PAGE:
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RE: Slashdot: How should Govt sites be designed

From: Anne Pemberton <apembert@crosslink.net>
Date: Tue, 19 Dec 2000 17:49:25 -0800
Message-Id: <3.0.5.32.20001219174925.007d71b0@apembert.pop.crosslink.net>
To: "Pawley, Neil" <neil.pawley@ccta.gsi.gov.uk>, w3c-wai-ig@w3.org
Neil,

	Dunno whether it will do either of us any good, but put a good amount of
time today into studying your site. I sent a humourous reply just before I
left work, but don't see that it's come through yet ...

	First of all, the desire to limit bandwidth isn't a good reason to not
illustrate your site so it can be used by your citizenry. I think I
estimated to someone onlist that you are probably shutting out 20% of your
citizenry. How many are online and using the web I cann't guess, but on our
side of The Big Puddle, the people of lesser cognitive and reading skills
are coming online in large numbers both because the cost of computers is
now well under $1,000 and because they can also access the web without a
computer, using a TV. I don't know if these things are happening in
Scotland or not. Also, on our side of The Big Puddle, schools and families
with small children are using the web for instructional purposes, and
"everyone knows" you ALWAYS illustrate instructional materials for kids. 

	In studying your homepage, I think you are trying to help users select an
index to the information in the site. You have an Organizational Index, a
Topic Indes, a Government Pathfinder, and a search mechanism. In the even
the user is a browser whose visited before and only wants to see what's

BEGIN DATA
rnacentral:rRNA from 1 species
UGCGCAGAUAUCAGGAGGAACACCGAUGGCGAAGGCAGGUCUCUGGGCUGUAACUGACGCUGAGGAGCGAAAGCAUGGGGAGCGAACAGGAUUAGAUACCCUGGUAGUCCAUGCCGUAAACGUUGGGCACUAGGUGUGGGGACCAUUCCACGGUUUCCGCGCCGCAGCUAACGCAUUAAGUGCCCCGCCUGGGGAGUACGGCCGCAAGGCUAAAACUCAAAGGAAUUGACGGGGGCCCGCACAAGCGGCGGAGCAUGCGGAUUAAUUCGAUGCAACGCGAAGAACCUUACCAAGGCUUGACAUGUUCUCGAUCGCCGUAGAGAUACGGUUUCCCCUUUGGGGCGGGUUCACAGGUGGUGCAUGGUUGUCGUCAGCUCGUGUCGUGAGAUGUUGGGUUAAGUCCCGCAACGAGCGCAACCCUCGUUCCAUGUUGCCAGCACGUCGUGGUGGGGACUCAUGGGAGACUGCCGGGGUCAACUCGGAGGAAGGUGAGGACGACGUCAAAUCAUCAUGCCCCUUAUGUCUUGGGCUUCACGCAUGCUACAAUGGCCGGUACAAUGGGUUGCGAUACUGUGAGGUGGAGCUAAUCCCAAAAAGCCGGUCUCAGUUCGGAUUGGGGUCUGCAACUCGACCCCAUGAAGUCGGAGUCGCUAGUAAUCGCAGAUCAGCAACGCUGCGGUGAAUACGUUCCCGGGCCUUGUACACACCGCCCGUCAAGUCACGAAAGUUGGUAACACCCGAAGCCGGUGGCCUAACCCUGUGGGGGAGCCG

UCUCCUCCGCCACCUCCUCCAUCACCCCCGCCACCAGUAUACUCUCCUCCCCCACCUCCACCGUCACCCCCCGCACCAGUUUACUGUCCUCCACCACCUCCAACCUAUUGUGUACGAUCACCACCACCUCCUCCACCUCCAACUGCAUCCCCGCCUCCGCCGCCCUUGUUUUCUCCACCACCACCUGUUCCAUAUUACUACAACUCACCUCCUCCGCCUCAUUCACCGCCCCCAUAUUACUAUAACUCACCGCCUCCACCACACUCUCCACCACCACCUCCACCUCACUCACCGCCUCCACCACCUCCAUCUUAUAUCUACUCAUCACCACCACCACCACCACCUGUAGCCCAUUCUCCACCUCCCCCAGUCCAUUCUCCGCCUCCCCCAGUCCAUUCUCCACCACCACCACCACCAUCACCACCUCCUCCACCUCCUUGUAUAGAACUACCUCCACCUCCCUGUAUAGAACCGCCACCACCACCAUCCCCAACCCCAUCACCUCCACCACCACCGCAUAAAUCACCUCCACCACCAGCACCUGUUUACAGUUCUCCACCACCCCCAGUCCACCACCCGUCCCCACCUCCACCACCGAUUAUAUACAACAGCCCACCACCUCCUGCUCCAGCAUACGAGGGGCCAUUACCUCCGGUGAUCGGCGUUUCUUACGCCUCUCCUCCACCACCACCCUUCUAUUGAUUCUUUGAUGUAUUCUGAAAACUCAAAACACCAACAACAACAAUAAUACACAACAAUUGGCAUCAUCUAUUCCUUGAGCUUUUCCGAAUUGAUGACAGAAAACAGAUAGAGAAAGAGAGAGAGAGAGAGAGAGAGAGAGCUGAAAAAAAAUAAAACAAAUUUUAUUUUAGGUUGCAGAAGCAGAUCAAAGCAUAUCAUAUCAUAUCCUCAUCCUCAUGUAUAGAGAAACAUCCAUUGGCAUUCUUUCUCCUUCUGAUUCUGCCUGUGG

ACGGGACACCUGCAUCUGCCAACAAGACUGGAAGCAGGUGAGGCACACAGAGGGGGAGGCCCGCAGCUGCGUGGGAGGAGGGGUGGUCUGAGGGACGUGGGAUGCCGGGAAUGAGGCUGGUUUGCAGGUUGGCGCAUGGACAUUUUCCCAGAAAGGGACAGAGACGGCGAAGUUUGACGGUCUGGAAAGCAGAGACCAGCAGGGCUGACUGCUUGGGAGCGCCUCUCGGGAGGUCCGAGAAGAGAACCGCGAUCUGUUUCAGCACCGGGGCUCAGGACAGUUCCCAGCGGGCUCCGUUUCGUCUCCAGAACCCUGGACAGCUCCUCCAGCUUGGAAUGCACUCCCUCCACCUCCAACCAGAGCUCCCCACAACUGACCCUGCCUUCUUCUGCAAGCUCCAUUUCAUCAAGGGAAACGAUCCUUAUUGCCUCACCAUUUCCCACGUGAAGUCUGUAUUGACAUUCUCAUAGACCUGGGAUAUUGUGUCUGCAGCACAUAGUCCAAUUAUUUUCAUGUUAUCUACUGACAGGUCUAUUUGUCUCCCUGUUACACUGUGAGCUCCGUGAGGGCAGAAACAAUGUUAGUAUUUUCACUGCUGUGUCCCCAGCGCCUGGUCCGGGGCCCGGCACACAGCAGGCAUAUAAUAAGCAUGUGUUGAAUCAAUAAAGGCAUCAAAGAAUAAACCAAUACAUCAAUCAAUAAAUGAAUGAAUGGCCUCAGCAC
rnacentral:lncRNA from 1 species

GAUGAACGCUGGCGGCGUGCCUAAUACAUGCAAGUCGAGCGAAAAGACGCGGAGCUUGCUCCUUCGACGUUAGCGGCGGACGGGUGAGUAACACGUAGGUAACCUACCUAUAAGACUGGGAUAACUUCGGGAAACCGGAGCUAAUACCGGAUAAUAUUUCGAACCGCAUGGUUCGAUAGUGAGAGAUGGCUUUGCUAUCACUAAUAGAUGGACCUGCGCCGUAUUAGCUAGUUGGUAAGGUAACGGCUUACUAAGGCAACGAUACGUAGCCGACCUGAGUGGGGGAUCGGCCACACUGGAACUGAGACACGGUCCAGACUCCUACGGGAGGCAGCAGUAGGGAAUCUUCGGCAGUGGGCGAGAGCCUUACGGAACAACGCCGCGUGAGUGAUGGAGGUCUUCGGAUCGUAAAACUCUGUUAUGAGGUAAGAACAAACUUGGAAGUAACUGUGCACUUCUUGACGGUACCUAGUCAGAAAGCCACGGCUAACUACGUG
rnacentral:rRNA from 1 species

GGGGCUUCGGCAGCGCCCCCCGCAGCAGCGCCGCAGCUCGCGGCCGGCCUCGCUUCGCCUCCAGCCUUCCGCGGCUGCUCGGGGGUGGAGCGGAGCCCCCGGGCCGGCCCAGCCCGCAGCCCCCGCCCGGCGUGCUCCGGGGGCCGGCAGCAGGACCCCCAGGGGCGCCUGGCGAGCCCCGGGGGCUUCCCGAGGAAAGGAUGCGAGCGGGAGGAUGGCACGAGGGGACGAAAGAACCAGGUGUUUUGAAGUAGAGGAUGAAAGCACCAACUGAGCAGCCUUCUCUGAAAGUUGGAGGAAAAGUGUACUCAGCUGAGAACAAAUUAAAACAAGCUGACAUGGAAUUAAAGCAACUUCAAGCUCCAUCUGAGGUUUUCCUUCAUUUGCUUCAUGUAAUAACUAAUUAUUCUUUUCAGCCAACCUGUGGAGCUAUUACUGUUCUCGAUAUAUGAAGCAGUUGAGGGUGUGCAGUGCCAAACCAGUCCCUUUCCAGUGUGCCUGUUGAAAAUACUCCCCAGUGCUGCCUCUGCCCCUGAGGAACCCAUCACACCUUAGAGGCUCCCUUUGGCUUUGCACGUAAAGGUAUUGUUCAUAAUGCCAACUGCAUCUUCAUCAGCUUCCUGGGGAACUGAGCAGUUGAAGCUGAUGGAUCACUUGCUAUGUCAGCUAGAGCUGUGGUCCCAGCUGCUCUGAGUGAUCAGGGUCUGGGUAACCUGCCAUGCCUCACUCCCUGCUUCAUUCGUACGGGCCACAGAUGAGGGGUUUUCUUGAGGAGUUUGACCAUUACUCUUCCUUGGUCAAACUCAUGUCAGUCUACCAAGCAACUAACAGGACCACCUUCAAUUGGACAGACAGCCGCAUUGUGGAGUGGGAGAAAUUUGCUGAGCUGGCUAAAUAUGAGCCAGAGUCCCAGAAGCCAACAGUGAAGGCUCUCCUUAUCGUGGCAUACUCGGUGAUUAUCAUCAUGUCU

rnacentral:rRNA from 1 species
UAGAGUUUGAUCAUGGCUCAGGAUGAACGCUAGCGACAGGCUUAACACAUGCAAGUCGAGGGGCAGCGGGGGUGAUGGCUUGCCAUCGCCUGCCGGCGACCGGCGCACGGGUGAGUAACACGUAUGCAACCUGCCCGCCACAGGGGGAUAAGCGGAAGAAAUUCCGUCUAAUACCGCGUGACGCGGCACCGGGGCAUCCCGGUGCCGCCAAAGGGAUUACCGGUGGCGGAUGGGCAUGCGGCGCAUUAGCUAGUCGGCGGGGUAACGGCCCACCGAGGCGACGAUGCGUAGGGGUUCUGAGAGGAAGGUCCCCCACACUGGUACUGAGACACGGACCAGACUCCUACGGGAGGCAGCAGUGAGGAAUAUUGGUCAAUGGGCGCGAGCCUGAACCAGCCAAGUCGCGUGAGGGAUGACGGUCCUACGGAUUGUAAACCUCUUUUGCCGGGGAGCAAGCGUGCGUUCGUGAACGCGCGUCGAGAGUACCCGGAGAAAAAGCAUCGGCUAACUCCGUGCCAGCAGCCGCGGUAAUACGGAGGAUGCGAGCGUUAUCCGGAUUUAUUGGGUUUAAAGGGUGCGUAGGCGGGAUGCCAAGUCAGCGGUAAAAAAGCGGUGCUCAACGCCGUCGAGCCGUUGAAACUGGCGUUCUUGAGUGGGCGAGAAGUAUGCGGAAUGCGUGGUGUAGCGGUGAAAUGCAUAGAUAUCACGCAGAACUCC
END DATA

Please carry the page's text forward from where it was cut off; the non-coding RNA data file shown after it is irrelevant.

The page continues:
been added since last visit, you provide both What's New and Latest Sites.
I'm not sure what users are expected to choose "Top 10 sites" ... 

	Adding the Usability category to the home page is interesting, and
appropriately placed below the important information, if I was a user of
Netscape 6, I still wouldn't know how to invoke the "WAI initiative", tho
your description of the IE4 & 5 keystrokes is informative. 

	I could pick apart some of the text that is far from "clear and simple",
but may run afoul of differences in use of language between you and me. So,
unless you want specifics, I'll suggest that you often write text for the
page as if you are talking to other web designers, not the general populace! 

	Oh, a minor point: the site is titled "open.gov.uk", but entering that
sequence in a browser (at least in IE/Office 2000) doesn't work ... you
need to enter "www.open.gov.uk" ... 

	If the design of the site were up to me, I'd put the four search indexes
into a row of buttons under the title and an introductory paragraph,
followed by a heading "for our returning visitors:" followed by a row with
buttons for the new, latest, and top 10 sites. Next, a header for "Site
Services", and a row of buttons for the four services. Then a header for
"Using this site:" followed by buttons to link to help and the links under
"about" ... I think I missed the external services, which should be a
heading and row of buttons either before or after "returning users" ...
Ideally, there would be an illustrative graphic next to each header ... but
in lieu of that, put a graphic on the buttons for pages that have
significant graphic content ... After that, I'd redesign the Topic Page so
that each entry has an illustration to aide the user in finding what they
want. Agency symbols may be used in lieu of a more meaningful illustration
as long as they are clear enough to see. Skip the grey blobs! Incidently, I
wouldn't beat my head against a wall to decide what graphic to use for each
topic, but would forward a request to each agency named, and ask them to
furnish a suitable graphic that will ILLUSTRATE their function. The agency